We should put structures in place which would give room for data capturing close to places where people are residing. For example, a system can be done that it is not the individual bank that will do it. Even in embassies abroad, if facilities are there, people can go with proof of accounts and get their data captured which can then be fed into those banks to generate their identification numbers. There are ways that this can be done in a more friendly and less cumbersome way, particularly for those who are living in faraway places so that they do not have to be subjected to coming down just for such a capture.

Some critics feel that the BVN issue might just be another way to take away the people’s attention from the challenges they are facing in governance.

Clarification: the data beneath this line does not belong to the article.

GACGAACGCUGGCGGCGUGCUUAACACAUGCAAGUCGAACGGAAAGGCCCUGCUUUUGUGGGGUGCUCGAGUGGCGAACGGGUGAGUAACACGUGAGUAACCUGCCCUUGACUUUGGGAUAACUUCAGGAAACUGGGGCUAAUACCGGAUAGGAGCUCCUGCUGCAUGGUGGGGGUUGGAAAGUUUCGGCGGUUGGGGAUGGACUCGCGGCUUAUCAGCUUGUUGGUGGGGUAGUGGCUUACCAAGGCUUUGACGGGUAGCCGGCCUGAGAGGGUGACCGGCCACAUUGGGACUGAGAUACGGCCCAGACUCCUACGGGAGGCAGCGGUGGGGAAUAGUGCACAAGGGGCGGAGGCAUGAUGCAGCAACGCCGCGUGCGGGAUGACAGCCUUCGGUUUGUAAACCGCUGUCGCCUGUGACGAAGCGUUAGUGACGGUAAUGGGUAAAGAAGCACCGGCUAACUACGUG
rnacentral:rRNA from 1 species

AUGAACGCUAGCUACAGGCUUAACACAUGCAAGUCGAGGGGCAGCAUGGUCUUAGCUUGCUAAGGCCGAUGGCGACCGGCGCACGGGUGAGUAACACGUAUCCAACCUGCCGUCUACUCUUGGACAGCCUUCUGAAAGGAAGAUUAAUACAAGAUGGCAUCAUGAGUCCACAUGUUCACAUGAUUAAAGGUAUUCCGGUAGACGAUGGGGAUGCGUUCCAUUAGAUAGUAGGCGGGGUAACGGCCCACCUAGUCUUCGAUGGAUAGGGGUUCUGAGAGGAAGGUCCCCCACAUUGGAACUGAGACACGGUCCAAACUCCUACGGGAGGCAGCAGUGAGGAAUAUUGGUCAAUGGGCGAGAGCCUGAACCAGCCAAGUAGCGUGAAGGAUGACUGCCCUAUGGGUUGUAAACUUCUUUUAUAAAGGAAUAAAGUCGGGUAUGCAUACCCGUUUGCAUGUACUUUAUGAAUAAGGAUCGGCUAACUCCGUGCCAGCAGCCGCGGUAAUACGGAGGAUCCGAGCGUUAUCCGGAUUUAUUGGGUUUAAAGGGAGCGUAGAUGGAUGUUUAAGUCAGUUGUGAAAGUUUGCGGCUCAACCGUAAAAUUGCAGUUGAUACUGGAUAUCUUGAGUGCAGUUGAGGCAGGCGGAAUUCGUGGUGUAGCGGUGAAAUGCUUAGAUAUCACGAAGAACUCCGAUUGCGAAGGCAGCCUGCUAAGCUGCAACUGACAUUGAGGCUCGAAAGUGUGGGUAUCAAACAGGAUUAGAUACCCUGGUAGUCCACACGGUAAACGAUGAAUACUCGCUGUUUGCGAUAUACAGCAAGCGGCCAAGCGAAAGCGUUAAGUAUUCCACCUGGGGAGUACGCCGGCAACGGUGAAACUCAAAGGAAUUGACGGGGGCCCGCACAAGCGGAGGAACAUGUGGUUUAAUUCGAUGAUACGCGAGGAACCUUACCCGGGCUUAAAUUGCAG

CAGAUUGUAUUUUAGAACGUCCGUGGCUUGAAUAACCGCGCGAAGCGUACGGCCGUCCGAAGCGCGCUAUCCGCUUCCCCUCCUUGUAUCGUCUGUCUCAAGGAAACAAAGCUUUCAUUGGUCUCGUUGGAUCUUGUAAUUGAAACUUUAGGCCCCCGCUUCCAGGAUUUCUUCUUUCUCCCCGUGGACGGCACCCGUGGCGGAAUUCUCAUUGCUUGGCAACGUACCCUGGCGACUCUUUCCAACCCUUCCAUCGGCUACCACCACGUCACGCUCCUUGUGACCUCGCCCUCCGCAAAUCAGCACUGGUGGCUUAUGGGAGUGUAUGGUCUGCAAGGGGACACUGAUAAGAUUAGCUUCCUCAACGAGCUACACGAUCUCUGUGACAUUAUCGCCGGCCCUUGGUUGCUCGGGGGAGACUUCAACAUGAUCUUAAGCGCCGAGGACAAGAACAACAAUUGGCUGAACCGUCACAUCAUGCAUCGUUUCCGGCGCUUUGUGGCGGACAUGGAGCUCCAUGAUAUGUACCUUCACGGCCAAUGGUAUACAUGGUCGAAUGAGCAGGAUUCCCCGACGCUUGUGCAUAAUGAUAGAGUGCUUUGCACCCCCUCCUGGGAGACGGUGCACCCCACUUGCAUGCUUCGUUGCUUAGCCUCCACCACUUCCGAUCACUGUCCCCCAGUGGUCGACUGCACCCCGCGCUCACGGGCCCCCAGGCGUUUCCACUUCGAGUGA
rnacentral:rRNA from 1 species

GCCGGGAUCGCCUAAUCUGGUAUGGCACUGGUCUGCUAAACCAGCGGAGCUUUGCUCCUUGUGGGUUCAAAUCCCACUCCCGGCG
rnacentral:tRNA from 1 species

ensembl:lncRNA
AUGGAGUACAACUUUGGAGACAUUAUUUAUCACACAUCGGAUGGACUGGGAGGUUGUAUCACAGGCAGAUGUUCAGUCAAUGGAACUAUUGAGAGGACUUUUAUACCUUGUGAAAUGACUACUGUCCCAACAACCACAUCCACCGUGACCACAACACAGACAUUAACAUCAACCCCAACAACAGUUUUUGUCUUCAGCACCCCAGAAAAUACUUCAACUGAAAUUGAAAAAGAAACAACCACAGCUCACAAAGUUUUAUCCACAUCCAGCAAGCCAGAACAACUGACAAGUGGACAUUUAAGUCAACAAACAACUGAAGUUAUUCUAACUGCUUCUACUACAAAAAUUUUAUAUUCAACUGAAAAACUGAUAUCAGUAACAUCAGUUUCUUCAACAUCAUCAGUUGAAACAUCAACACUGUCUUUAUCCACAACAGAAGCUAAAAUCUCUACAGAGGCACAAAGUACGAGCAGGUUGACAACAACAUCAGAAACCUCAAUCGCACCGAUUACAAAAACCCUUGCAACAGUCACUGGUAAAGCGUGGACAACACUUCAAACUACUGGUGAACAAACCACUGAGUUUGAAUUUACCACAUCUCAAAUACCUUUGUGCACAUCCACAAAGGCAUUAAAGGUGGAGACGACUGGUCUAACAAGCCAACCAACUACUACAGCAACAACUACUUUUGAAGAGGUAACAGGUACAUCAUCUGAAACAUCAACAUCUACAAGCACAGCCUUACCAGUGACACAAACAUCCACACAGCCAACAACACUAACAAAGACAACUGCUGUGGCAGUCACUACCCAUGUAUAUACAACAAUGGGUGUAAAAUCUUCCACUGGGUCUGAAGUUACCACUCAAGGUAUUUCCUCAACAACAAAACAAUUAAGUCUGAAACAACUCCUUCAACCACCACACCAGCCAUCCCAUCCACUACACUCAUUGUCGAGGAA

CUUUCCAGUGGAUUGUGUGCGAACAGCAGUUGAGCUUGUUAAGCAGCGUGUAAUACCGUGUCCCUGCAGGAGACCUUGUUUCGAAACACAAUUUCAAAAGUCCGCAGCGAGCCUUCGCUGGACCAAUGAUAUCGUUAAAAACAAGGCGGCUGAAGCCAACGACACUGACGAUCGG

I’m not so sure. There are challenges and I think Nigerians are politically savvy enough not to allow the discussion of one issue to becloud other important issues of the day. Whether that is the intention of anybody or not, the reality is that Nigerians will continue to focus on what the various challenges are. Therefore, I don’t want to join the bandwagon — or call them conspiracy theorists — who think an orchestrated diversion of attention is what is happening. I think that it is an important matter that needs to be done for us and for our economy, for modern banking and for us to be able to take adequate control. It’s something that needs to be done. It can be done in a way that is planned, in a way that gives room for people to be able to come forward and do what they need to do over time. And so, timelines need to be in the public domain. For instance, I know that in the case of e-dividends, which would help to clear huge unclaimed dividends matter, a deadline of June this year was initially given. It’s just been extended to December. These are the ways these things are done, so that all those that are genuinely required to play their roles will have time to so do, and I think we can do the same here.